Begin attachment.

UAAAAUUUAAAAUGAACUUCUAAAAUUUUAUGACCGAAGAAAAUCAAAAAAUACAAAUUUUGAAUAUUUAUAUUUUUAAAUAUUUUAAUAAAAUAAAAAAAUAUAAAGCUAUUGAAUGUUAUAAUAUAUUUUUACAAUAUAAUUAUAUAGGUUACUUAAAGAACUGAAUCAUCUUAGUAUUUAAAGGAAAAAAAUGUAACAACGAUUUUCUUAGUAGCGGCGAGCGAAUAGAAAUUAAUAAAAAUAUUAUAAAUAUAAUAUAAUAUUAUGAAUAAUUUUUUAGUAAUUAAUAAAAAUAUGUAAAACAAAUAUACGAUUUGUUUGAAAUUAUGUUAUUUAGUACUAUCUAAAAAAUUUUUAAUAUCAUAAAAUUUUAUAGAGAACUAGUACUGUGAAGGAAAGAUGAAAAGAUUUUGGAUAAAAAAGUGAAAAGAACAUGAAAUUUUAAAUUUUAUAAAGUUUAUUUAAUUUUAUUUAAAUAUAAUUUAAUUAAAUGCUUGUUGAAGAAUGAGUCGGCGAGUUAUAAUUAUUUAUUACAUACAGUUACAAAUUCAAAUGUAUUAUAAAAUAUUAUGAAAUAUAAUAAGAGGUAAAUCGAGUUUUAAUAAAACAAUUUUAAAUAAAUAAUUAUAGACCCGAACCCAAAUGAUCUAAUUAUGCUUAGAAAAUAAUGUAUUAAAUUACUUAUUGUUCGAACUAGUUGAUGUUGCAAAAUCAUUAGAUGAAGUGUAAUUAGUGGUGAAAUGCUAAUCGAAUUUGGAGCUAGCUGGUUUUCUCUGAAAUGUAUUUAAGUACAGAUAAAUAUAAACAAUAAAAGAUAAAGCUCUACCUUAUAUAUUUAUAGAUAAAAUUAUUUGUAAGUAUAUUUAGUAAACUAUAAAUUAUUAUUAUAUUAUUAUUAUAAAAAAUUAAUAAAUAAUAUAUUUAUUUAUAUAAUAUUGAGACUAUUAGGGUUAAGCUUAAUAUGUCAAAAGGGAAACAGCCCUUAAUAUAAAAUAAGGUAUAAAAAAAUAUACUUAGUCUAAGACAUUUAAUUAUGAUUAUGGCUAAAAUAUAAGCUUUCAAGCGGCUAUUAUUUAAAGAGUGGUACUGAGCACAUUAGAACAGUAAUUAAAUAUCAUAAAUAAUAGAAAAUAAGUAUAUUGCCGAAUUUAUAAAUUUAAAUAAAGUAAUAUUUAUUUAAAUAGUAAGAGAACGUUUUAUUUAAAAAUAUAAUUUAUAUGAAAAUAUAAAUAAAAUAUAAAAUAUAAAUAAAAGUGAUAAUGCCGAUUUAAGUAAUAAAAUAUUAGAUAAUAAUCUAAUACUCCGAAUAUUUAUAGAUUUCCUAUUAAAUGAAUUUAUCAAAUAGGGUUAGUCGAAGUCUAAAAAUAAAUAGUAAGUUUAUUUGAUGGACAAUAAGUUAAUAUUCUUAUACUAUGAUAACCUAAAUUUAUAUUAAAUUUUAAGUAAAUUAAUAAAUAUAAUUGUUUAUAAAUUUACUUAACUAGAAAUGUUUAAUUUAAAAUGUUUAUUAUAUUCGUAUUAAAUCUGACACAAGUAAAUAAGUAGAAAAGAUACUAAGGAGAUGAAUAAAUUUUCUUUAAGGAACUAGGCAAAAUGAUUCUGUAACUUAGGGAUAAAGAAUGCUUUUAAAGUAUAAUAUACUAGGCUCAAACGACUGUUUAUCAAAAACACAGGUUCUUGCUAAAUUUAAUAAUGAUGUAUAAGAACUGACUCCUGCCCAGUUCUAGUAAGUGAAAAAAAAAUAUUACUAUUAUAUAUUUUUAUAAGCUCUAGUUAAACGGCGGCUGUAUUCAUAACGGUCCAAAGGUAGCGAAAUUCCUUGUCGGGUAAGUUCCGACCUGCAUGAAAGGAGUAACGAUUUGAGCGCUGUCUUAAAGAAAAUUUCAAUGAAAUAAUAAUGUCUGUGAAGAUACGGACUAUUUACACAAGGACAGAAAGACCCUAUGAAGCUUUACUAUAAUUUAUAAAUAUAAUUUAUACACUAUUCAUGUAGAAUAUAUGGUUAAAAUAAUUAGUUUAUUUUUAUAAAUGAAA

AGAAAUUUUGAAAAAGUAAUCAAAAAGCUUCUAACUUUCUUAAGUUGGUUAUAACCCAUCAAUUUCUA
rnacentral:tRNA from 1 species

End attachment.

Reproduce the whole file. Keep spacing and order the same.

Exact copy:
UAAAAUUUAAAAUGAACUUCUAAAAUUUUAUGACCGAAGAAAAUCAAAAAAUACAAAUUUUGAAUAUUUAUAUUUUUAAAUAUUUUAAUAAAAUAAAAAAAUAUAAAGCUAUUGAAUGUUAUAAUAUAUUUUUACAAUAUAAUUAUAUAGGUUACUUAAAGAACUGAAUCAUCUUAGUAUUUAAAGGAAAAAAAUGUAACAACGAUUUUCUUAGUAGCGGCGAGCGAAUAGAAAUUAAUAAAAAUAUUAUAAAUAUAAUAUAAUAUUAUGAAUAAUUUUUUAGUAAUUAAUAAAAAUAUGUAAAACAAAUAUACGAUUUGUUUGAAAUUAUGUUAUUUAGUACUAUCUAAAAAAUUUUUAAUAUCAUAAAAUUUUAUAGAGAACUAGUACUGUGAAGGAAAGAUGAAAAGAUUUUGGAUAAAAAAGUGAAAAGAACAUGAAAUUUUAAAUUUUAUAAAGUUUAUUUAAUUUUAUUUAAAUAUAAUUUAAUUAAAUGCUUGUUGAAGAAUGAGUCGGCGAGUUAUAAUUAUUUAUUACAUACAGUUACAAAUUCAAAUGUAUUAUAAAAUAUUAUGAAAUAUAAUAAGAGGUAAAUCGAGUUUUAAUAAAACAAUUUUAAAUAAAUAAUUAUAGACCCGAACCCAAAUGAUCUAAUUAUGCUUAGAAAAUAAUGUAUUAAAUUACUUAUUGUUCGAACUAGUUGAUGUUGCAAAAUCAUUAGAUGAAGUGUAAUUAGUGGUGAAAUGCUAAUCGAAUUUGGAGCUAGCUGGUUUUCUCUGAAAUGUAUUUAAGUACAGAUAAAUAUAAACAAUAAAAGAUAAAGCUCUACCUUAUAUAUUUAUAGAUAAAAUUAUUUGUAAGUAUAUUUAGUAAACUAUAAAUUAUUAUUAUAUUAUUAUUAUAAAAAAUUAAUAAAUAAUAUAUUUAUUUAUAUAAUAUUGAGACUAUUAGGGUUAAGCUUAAUAUGUCAAAAGGGAAACAGCCCUUAAUAUAAAAUAAGGUAUAAAAAAAUAUACUUAGUCUAAGACAUUUAAUUAUGAUUAUGGCUAAAAUAUAAGCUUUCAAGCGGCUAUUAUUUAAAGAGUGGUACUGAGCACAUUAGAACAGUAAUUAAAUAUCAUAAAUAAUAGAAAAUAAGUAUAUUGCCGAAUUUAUAAAUUUAAAUAAAGUAAUAUUUAUUUAAAUAGUAAGAGAACGUUUUAUUUAAAAAUAUAAUUUAUAUGAAAAUAUAAAUAAAAUAUAAAAUAUAAAUAAAAGUGAUAAUGCCGAUUUAAGUAAUAAAAUAUUAGAUAAUAAUCUAAUACUCCGAAUAUUUAUAGAUUUCCUAUUAAAUGAAUUUAUCAAAUAGGGUUAGUCGAAGUCUAAAAAUAAAUAGUAAGUUUAUUUGAUGGACAAUAAGUUAAUAUUCUUAUACUAUGAUAACCUAAAUUUAUAUUAAAUUUUAAGUAAAUUAAUAAAUAUAAUUGUUUAUAAAUUUACUUAACUAGAAAUGUUUAAUUUAAAAUGUUUAUUAUAUUCGUAUUAAAUCUGACACAAGUAAAUAAGUAGAAAAGAUACUAAGGAGAUGAAUAAAUUUUCUUUAAGGAACUAGGCAAAAUGAUUCUGUAACUUAGGGAUAAAGAAUGCUUUUAAAGUAUAAUAUACUAGGCUCAAACGACUGUUUAUCAAAAACACAGGUUCUUGCUAAAUUUAAUAAUGAUGUAUAAGAACUGACUCCUGCCCAGUUCUAGUAAGUGAAAAAAAAAUAUUACUAUUAUAUAUUUUUAUAAGCUCUAGUUAAACGGCGGCUGUAUUCAUAACGGUCCAAAGGUAGCGAAAUUCCUUGUCGGGUAAGUUCCGACCUGCAUGAAAGGAGUAACGAUUUGAGCGCUGUCUUAAAGAAAAUUUCAAUGAAAUAAUAAUGUCUGUGAAGAUACGGACUAUUUACACAAGGACAGAAAGACCCUAUGAAGCUUUACUAUAAUUUAUAAAUAUAAUUUAUACACUAUUCAUGUAGAAUAUAUGGUUAAAAUAAUUAGUUUAUUUUUAUAAAUGAAA

AGAAAUUUUGAAAAAGUAAUCAAAAAGCUUCUAACUUUCUUAAGUUGGUUAUAACCCAUCAAUUUCUA
rnacentral:tRNA from 1 species